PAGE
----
Sadly, most of the tortillas we consume are about as fresh and wholesome as gooey white bread — meaning not exactly the stuff that Mexican grandmothers were grinding by hand each day and serving fresh each meal. A culinary staple and nutritional cornerstone, they’re essential to the Latin American food lexicon, but sometimes overcomplicated. Corn tortillas, the most authentic of Latin American tortillas, should contain exactly three ingredients: Corn, lime (calcium hydroxide) and water. Flour tortillas usually have five: Flour, baking powder, water, salt and lard. But even the best ingredients can’t mask the fact that excellent tortillas are made fresh each day, rather than sitting for days (or weeks) in a refrigerator. It’s sort of like eating a stale baguette — it’s still a baguette, but the magic is gone.
One of the most passionate advocates for the iconic corn tortilla, used most frequently for tacos, taquitos, gorditas and of course, corn chips, is Karen Waikiki, The founder of Primavera Tamales and recently opened El Molino Central (11 Central Ave, Boyes Hot Springs) is renowned for revitalizing traditional methods of stone-grinding corn into masa, an art all but lost in Mexico. Each morning, around 11am, staff feed soaked corn — grown by a single farmer in Nebraska — into the specially-made grinding machine for the day’s tortillas and tamales. “No one is grinding corn anymore. People just stopped grinding corn and use instant ‘Maseca’ instead. But (grinding) is just the way it should be,” Karen said, hustling through her kitchen. A longtime friend of Mexican cooking authority Diana Kennedy and Alice Waters, she’s concerned with what she sees happening to the native tortilla.
Maseca is a readily-available prepared commercial cornmeal flour that is ubiquitous throughout Latin America, and has simplified tortilla preparation. But advocates of slower, more traditional culinary style bristle at its use — which is also predominant in the US. Waikiki said only a few tortillerias in California still stone grind their corn, which, in local hunts for stone-ground corn tortillas proved true. Most say they use Maseca for their tortillas.
Throughout the day, Karen and her staff use a wooden press to flatten the masa (or dough) and throw them on the grill at El Molino. Crispy, dense and intensely flavored, they’re the real deal. Fanatics can buy fresh masa for torillas for $1.25 or prepared tortillas for $3.50 a dozen. Realizing that her demographic is both the tony spa-set of the nearby Sonoma Mission Inn as well as the heavily Latino working-class population, she aims to entice both. “We want the local community to buy and like these,” Karen says, pointing to the irregular edges on her tortillas — a sign that they’re handmade rather than machine-made. “Otherwise, all this is just pointless,” she added.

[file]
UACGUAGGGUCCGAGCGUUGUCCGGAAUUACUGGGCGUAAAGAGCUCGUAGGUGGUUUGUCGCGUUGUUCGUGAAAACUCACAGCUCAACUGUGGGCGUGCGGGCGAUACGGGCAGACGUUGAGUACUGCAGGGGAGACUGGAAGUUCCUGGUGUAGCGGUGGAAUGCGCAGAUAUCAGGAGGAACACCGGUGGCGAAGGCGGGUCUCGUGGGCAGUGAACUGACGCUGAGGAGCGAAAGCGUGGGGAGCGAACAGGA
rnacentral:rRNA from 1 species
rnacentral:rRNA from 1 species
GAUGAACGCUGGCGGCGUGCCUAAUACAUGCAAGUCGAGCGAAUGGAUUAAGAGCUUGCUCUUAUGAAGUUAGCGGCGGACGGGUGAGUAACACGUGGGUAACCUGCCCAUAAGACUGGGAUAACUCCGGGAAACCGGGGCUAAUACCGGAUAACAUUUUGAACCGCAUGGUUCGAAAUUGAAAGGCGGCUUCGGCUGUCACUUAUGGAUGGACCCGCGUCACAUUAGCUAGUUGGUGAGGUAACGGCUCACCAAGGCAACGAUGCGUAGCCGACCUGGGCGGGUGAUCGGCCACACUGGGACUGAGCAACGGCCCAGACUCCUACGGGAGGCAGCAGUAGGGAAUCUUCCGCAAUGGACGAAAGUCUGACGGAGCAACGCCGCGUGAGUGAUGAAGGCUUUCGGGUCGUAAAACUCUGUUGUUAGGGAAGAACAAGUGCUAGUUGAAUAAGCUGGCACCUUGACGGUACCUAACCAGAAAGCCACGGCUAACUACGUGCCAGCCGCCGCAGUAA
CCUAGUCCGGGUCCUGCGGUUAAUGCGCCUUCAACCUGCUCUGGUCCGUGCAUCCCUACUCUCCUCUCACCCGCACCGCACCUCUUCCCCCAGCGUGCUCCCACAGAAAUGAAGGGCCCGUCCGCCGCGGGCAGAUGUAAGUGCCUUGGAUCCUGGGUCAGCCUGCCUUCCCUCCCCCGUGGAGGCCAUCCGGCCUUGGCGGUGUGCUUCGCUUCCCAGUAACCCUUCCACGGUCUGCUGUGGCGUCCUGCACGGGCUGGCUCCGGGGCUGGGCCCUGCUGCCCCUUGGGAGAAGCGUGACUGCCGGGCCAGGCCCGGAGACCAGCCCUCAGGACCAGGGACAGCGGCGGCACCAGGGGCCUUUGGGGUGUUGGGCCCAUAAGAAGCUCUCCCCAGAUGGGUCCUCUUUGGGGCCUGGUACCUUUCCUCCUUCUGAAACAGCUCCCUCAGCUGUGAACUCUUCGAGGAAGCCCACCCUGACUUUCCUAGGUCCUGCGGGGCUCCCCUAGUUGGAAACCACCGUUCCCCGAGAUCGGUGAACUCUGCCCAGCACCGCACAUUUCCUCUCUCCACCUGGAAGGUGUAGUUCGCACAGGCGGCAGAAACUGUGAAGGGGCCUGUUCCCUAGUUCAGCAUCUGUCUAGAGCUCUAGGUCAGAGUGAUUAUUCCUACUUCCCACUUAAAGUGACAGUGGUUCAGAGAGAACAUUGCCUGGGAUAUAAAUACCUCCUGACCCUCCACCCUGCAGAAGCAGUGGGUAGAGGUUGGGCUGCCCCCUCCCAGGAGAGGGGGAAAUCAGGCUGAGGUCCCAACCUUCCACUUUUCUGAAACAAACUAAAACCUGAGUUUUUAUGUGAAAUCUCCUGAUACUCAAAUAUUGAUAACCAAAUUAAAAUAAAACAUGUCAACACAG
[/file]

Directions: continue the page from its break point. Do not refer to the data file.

At Central Market (42 Petaluma Blvd. North, Petaluma, 778-9900) Chef Tony Najiola is so enamored with Waikiki’s corn tortillas that he makes a pilgrimage to Sonoma each week to pick up a batch for his lengua tacos at Central Market. “They’re so good, with the soft tongue and corn tortillas that I’ve decided they’ll stay on the menu as long as we’re here,” he said.
Dearer to most Americans are flour tortillas, the ubiquitous wrapper of burritos and enchiladas. Because of it’s higher gluten content, flour tortillas can be stretched larger, making them idea for the two-pound super burritos that stretch the definition of actual Mexican cuisine. Flour tortillas are relatively new to Latin American culture, but have quickly become a mealtime staple, especially in Northern Mexico.
Flour tortillas are tastiest when made with lard (old-fashioned pig fat) crisping up and lending flavor, rather than just structural support to the meal. Most commercial tortilla manufacturers have abandoned this diet-unfriendly ingredient for more politically correct vegetable shortening or other oils. One of the best spots for fresh, warm flour tortillas is at Tortilleria Jalisco (897 W Napa St., Sonoma, 935-7356), where locals takeaway still-warm bags by the pound and swear by the posole. Run by a group of women, most mornings you can watch as they roll the dough and lineup stacks of balls for pressing and griddle-cooking. They’ll cost you just a few dollars for a stack of 10, in flour, wheat or spinach flavors. Jalisco also makes fresh corn tortillas with Maseca.
But Mexican-food lovers will tell you that the best place to find fresh tortillas is on Saturday and Sunday when the posole and menudo come out. Most good restaurants will make the effort to make fresh tortillas when their bread-and-butter customers (hint, not the burrito-crowd) come in for authentic eats. Local faves that usually have fresh tortillas on the menu include Antijos la Texanita, the new Don Pedro’s, housed in the former Pepe’s spot, 2000 Sebastopol Ave., Santa Rosa; Pupuseria Salvadorena (1403 Maple Ave., Santa Rosa) and El Malecon (217 Southwest Blvd., Rohnert Park, (707) 794-9047).
Also check out:
– Chevy’s Fresh Mex: Not everyone’s a fan of this national chain, but there’s no denying their hot, fresh flour tortillas. Kids love grabbing dough balls for a little pre-meal entertainment, and watching the tortilla machine is oddly fascinating for all ages. (24 4th Street, Santa Rosa, 571-1082)
– La Tortilla Factory Hand Made Style Corn Tortillas: It’s easy to get addicted to these tasty supermarket corn tortillas with a homemade taste. These irregularly-shaped tortillas (making them seem a bit more homemade) are a mix of corn and wheat, making them pliable and exceptionally tasty. Available at most supermarkets. La Tortilla factory also makes dried masa available for tortillas and tamales.
– Fresh Lard: Lard is less difficult to find than it used to be, but the key is getting really fresh, white lard. Fremont Diner sells containers of white lard (used for pie crusts) for $18.